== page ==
Aug 29

Property Condition Assessment (PCA)

A property condition assessments (also known as a PCA) is an evaluation of a commercial building’s major systems and components aimed at providing an owner, lessee, investor or lender an economic perspective of the properties overall physical condition, what immediate repairs should be made to the property and what systems will need to be replaced within the next ten years.

Property condition assessments (PCAs) are commercial inspections performed around guidelines established by Standard & Poors during the 1990’s which were intended to standardize the process and scope for commercial inspections. Over the years these standard operating procedures have formalized into a recognized standard known at ASTM E2018.

ASTM International is an international standards organization what develops and publishes technical standards for a wide range of materials, products, systems and services. The organization maintains over 12,000 technical standards and the specific standard established for property condition assessment is the E2018 thus the name ASTM E2018 Standard Guide for Property Condition Assessments.

ASTM Standards Worldwide

The scope of a typical Property Condition Assessment includes the following major areas:

  • Building Site
  • Foundation and Structure
  • Building Envelope
  • Roof System
  • Mechanical Systems (Including Heating, Ventilation, and Air Conditioning)
  • Plumbing
  • Electrical
  • Interior

Once the inspection, or Property Condition Assessment (PCA), is completed the formal written report is known as Property Condition Report (PCR). The Property Condition Report will include a general description of the property, recommendations for repairs or further consideration, likely costs to remedy the repairs and costs of future capital repairs.

Feb 26

Top 8 Commercial Inspection Defects

Most commercial inspections (aka property condition assessments) will uncover systems or components which are deteriorated, missing or damaged with recommendations for repair or replacement. In addition to these routine findings, a commercial inspection should identify any of the following 8 common areas of risk to a buyer.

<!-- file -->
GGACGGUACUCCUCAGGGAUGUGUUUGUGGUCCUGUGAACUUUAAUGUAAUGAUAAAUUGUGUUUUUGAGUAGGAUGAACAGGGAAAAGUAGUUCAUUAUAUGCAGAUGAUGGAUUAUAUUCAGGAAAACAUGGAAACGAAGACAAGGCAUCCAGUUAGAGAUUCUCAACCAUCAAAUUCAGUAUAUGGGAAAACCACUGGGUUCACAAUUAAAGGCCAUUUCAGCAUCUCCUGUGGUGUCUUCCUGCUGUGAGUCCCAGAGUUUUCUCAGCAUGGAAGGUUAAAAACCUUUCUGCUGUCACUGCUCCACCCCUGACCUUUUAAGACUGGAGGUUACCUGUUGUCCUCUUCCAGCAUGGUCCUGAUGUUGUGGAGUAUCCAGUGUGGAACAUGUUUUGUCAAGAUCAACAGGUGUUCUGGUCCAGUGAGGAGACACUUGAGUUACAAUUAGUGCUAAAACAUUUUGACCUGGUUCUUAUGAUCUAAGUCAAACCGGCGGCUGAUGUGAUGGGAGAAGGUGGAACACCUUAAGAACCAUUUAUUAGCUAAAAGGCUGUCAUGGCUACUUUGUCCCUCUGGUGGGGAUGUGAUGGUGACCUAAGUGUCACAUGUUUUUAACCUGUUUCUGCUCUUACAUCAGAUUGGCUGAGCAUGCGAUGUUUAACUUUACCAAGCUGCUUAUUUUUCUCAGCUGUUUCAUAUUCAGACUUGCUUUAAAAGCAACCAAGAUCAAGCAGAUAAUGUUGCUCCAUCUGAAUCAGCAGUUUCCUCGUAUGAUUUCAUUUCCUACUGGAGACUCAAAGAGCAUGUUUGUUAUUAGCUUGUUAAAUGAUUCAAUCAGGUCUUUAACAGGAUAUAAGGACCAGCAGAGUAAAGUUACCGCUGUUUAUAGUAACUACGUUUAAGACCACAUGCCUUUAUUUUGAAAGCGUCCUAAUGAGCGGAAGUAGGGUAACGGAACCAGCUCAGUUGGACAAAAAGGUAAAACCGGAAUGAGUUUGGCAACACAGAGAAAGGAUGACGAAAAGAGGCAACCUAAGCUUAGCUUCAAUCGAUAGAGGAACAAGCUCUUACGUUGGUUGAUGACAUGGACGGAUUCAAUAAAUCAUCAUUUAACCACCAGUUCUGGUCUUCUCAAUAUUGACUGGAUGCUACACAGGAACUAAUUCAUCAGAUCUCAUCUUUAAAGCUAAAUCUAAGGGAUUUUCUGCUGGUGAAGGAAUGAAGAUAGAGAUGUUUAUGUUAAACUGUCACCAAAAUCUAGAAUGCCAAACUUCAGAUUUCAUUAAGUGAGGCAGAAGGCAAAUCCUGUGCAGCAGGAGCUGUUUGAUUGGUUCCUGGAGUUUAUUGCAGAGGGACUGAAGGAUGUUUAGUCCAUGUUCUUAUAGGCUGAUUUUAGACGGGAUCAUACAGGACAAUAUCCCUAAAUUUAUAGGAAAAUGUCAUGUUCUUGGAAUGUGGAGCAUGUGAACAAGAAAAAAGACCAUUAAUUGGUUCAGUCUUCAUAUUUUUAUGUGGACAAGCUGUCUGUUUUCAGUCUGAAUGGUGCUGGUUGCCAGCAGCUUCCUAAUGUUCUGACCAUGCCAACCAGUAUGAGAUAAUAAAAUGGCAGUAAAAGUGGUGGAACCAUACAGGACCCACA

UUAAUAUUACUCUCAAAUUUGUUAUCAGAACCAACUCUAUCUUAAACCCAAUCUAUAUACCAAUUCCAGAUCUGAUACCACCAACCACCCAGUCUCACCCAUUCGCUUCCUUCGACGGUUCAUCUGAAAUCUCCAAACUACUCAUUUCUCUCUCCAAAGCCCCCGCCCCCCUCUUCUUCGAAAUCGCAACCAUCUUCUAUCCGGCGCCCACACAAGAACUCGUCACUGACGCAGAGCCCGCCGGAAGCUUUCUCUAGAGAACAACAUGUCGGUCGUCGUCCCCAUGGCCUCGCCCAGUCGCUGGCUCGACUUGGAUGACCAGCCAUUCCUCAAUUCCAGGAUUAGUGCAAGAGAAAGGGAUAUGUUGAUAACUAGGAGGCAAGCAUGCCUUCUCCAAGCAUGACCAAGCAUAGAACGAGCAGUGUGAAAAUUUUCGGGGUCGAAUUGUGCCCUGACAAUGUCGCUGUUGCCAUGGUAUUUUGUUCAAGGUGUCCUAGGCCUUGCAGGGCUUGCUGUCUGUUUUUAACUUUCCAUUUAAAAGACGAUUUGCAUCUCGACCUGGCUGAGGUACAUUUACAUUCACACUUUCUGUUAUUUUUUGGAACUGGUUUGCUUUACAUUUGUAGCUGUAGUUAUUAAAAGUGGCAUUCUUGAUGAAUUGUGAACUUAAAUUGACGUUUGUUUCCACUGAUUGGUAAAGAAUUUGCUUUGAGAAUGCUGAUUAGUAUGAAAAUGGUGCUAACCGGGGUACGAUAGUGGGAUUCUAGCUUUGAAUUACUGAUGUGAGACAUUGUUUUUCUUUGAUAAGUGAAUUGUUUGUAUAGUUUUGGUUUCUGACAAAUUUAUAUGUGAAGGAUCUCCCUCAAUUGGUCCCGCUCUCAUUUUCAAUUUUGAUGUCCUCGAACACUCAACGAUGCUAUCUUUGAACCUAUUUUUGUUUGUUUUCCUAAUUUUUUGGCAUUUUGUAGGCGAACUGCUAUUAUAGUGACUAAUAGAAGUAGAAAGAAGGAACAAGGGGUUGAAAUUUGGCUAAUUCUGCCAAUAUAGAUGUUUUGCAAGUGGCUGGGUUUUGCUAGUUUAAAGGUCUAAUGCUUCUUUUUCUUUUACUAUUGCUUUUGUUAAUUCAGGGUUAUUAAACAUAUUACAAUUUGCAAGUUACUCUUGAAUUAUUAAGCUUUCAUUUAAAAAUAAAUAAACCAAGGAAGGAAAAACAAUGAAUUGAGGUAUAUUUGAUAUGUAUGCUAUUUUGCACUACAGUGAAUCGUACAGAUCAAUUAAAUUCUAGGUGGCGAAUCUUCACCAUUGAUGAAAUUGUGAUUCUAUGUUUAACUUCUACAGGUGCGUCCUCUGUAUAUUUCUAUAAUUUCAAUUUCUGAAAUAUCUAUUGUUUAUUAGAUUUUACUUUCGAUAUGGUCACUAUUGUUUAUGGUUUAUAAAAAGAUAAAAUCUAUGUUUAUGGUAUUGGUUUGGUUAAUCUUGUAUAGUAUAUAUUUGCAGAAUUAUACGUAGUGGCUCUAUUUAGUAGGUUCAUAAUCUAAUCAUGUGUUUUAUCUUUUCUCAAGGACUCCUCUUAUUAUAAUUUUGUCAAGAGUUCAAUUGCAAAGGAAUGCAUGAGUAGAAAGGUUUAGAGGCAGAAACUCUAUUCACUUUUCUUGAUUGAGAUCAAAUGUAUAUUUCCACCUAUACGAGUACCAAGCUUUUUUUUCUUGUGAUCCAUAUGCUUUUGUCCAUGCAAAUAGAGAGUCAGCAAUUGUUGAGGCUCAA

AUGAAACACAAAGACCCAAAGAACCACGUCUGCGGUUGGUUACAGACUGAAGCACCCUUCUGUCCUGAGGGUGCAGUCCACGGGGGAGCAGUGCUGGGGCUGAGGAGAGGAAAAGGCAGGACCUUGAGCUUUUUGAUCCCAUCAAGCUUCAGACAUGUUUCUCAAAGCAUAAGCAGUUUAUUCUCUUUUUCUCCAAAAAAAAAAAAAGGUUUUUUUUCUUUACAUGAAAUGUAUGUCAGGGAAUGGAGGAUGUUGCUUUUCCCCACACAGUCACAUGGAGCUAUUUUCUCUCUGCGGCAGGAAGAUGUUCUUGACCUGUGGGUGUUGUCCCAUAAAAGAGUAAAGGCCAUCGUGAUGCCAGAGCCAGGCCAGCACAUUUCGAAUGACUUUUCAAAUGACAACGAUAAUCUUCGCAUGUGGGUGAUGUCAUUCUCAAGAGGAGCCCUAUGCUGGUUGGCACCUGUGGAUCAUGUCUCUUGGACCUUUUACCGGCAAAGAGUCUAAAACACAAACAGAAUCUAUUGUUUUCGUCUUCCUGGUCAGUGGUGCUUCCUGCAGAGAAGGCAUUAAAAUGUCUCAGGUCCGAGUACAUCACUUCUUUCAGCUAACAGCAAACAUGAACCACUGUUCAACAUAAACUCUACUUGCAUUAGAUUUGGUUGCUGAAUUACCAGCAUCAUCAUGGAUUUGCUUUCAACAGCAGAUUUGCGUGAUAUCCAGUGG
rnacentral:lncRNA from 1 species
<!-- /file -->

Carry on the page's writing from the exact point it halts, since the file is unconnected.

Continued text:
1. Grading and Drainage –  Your property’s surface water should have a path which easily allows water to drain away from the structure without accumulating around the foundation.
  2. Structural Problems – A commercial inspection should not show visual signs of movement with flooring, walls, ceiling and attic framing. A crack with more than 1/4 inch in width should be given further consideration.
  3. Roof Deficiencies – Your property inspection should include where the roof covering is in its expected service life and should call out accumulating or pooling on the roof.
  4. Mechanical Issues – Your commercial inspection report should identify the buildings heating, cooling and ventilation system components, how they systems are controlled and where the appliances are in their life cycles.
  5. Plumbing Defects – Your inspection assessment should identify if galvanized plumbing supply pipes are still in use and budget for replacement when possible in addition to any obvious active leaks or plumbing fixtures which have outlived their expected service life.
  6. Health and Safety Hazards – Your inspection report should identify trip hazards, exposed walkways and loose or unsafe conditions
  7. Electrical System – A good commercial assessment will size the electrical system according to current use of building and any components which have been in service over 50 years.
  8. Exterior Covering – The exterior envelope of the commercial building should be weather resistance including no areas of current moisture intrusion.

Commercial Building

Jan 19

“Debt” versus “Equity” Style Property Condition Assessments

A property condition assessment can be tailored in scope of work to either an investor-buyer or investor-lender report format. The investor-buyer format, also known as “Equity” style, is thought of to be focused on protecting the buyer’s financial interests. Alternatively, your investor-lender format, known at the “Debt” style report, will typically be written to protect the lender’s financial interests. In either scenario, a good case can be made which assumes protecting the lender’s equity is by nature protecting the buyer’s stake in the project. However, an equity type property condition assessment is typically thought to be more granular with an emphasis on the current state of the building wheres a debt style property condition assessment would be presented more as a forecast of future anticipated building investments over the life of the loan. In summary, a property condition assessment is a general overview of the buildings condition and then can be formatted to accommodate the different potential audiences.